Subhiksha Sails Through Choppy Waters
Subhiksha, the retail venture of R Subramanian is facing a crisis of grave magnitude. The supermarket chain which has its roots in Chennai has grown too big, too fast in the last few years. While their model had several flaws (No frills / unattractive stores, frequent stock outs), their aggressive growth outside South India indicated that they were probably doing well. The deterioration in the equity markets put paid to Subhiksha's IPO plans. Poor sales and unavailability of easy credit might have resulted in a situation where Subhiksha is not able to pay employees, suppliers and landlords. The New Indian Express carried a cover story on Monday (8th Dec) explaining the situation. Another report in NowPublic has also mentioned similar complaints.
More than 700 employees of 97 stores run by Subhiksha, the supermarket chain in the city have not been paid their salaries for the last two months by the company, which has told them to pick up groceries from the stores in lieu of their pay packets.However, with the shelves empty — all major suppliers of goods such as HLL have stopped supplies as the firm has defaulted on payments — the employees are in a state of panic. (Link)
Subhiksha has since denied the allegations.
I had tried Subhiksha during their initial days. Back then, the shops didn't allow the customers inside and one had to give a shopping list to the counter staff who would collect the stuff from the respective shelves. With such a concept there was no possibility of an impulse buy as Subhiksha didn't provide a shopping experience. They then tweaked this model to allow customers inside the shop. The shelves were pretty ordinary and one could notice that they had run out of stock for most of the key items. One had to visit other departmental stores to complete their shopping requirements. The only thing which drew people to Subhiksha was the aggressive pricing. They used the pricing power to enter the field of pharma retail. Their offer of 5% discount for pharma products met with strong resistance from the Pharma Distributors and Retailers Association which sensed that their trade will be affected if Subhiksha Medical shops were allowed to expand. Stock outs were another common phenomenon in the Pharma business as well. With so many problems, one could feel that Subhiksha was never among the top of the mind recall of the shoppers.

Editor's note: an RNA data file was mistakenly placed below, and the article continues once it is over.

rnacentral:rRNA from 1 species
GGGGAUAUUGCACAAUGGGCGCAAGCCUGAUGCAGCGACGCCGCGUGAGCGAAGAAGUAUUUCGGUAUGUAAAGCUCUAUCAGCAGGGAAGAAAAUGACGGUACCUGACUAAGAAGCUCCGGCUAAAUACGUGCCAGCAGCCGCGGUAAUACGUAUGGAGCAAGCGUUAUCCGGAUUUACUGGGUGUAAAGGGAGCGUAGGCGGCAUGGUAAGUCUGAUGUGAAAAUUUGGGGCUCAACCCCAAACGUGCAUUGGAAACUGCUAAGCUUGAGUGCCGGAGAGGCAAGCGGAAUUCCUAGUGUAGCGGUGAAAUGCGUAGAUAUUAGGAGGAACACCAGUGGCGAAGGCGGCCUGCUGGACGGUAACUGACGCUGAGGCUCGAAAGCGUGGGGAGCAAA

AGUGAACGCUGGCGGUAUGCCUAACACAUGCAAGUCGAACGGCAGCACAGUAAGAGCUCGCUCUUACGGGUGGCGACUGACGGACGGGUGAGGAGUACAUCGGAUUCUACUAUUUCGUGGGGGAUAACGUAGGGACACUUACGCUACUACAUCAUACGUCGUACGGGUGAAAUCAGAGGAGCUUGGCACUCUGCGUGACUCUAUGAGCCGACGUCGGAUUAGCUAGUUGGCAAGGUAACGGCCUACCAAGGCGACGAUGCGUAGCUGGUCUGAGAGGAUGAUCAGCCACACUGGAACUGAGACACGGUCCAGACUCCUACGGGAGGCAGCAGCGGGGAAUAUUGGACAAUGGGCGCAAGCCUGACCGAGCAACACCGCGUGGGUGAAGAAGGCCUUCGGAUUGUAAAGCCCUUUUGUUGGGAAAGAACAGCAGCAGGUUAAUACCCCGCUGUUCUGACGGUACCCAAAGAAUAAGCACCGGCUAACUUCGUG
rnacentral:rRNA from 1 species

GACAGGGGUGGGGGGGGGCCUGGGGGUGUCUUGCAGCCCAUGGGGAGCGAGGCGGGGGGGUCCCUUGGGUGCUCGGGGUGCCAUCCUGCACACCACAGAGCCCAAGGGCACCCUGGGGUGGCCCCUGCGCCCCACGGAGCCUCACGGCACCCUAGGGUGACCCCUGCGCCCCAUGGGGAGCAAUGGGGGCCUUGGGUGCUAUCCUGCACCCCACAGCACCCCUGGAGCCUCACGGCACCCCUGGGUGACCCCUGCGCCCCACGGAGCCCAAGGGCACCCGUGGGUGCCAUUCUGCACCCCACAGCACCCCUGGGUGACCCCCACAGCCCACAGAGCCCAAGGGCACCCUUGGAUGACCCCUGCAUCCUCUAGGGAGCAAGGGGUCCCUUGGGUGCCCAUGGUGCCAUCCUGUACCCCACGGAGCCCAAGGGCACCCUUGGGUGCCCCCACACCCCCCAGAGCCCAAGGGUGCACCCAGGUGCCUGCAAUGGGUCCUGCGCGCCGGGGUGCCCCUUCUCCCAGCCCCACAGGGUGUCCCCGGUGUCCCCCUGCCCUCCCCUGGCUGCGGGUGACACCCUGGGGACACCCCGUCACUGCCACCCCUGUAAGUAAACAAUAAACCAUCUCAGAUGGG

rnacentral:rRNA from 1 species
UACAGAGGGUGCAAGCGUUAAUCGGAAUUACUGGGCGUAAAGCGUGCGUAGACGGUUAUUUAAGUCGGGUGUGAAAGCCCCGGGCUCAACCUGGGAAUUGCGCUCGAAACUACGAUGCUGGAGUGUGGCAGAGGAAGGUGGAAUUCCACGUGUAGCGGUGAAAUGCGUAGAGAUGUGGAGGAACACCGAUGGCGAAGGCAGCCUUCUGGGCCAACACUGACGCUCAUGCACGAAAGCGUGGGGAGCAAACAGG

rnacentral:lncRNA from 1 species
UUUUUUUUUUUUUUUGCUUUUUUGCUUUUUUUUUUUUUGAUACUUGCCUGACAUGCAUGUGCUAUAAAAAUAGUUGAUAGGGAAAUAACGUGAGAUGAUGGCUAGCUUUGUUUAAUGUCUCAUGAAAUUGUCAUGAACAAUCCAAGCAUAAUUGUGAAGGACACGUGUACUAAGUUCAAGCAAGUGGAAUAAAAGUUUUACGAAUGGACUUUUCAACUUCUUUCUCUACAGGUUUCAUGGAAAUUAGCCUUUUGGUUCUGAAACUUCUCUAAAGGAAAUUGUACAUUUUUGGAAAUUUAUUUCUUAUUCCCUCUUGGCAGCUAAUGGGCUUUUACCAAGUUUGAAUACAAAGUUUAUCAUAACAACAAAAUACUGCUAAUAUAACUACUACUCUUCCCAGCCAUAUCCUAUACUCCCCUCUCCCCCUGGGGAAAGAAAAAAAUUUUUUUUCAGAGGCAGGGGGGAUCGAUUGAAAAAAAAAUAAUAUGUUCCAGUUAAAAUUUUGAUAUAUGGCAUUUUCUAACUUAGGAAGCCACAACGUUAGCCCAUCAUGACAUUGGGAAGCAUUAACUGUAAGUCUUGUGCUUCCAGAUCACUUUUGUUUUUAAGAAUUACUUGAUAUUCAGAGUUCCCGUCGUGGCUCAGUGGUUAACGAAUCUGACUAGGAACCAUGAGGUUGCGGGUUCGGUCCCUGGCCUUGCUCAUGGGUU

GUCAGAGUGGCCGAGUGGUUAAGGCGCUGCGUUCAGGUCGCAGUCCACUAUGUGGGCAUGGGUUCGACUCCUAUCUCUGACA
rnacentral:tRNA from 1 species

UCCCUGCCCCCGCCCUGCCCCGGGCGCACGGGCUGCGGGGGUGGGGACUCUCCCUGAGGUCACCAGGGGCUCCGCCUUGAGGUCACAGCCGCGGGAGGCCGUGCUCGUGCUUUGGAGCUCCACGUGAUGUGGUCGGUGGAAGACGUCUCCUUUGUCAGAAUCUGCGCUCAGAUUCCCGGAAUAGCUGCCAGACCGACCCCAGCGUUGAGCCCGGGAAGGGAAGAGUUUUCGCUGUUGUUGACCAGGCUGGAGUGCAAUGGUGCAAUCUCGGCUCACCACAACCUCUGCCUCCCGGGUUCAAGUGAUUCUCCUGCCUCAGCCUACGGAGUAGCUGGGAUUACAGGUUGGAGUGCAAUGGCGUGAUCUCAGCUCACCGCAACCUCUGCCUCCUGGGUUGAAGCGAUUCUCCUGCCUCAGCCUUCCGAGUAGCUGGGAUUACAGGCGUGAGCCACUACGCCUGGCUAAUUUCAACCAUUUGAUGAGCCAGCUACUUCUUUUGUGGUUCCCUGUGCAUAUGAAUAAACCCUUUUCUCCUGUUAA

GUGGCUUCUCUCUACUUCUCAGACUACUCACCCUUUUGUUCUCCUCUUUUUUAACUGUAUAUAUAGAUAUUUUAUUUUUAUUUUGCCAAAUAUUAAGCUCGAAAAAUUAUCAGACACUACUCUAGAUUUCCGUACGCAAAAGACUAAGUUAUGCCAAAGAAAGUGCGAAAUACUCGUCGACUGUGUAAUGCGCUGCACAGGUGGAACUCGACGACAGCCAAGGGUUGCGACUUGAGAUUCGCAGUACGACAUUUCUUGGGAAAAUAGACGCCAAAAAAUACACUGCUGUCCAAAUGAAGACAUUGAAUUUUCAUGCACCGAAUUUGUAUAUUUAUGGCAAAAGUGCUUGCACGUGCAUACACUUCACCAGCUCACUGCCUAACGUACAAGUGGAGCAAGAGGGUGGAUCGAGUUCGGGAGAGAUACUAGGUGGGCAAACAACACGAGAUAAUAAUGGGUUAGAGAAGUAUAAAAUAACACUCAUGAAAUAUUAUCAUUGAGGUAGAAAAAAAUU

I could sense Subramanian's ambitions when I spotted him at the Giant Hypermarket in Tampines (Singapore) sometime in 2007. The shop was teeming with weekend shoppers when Subramanian was busy observing the behaviour of the shoppers in the different sections. He came across as unassuming and hardworking. Aggressive expansion, poor back-end infrastructure, improper demand forecasting together with extremely bad credit and equity markets have dented Subhiksha's growth plans.
This is not the first time Subhiksha has been at the receiving end. Even biggies like Reliance Retail are in retrenchment mode. The big question now is whether Subhiksha will fold up. Azim Premji, in his personal capacity, recently picked up a 10% stake in Subhiksha (the stake was acquired from ICICI Ventures). Shutting down unprofitable stores, laying off people and resolving the back-end problems would help them recover somewhat from the current crisis. The other option is to put them up for sale. Whatever be the outcome, Subhiksha has some serious rethinking to do.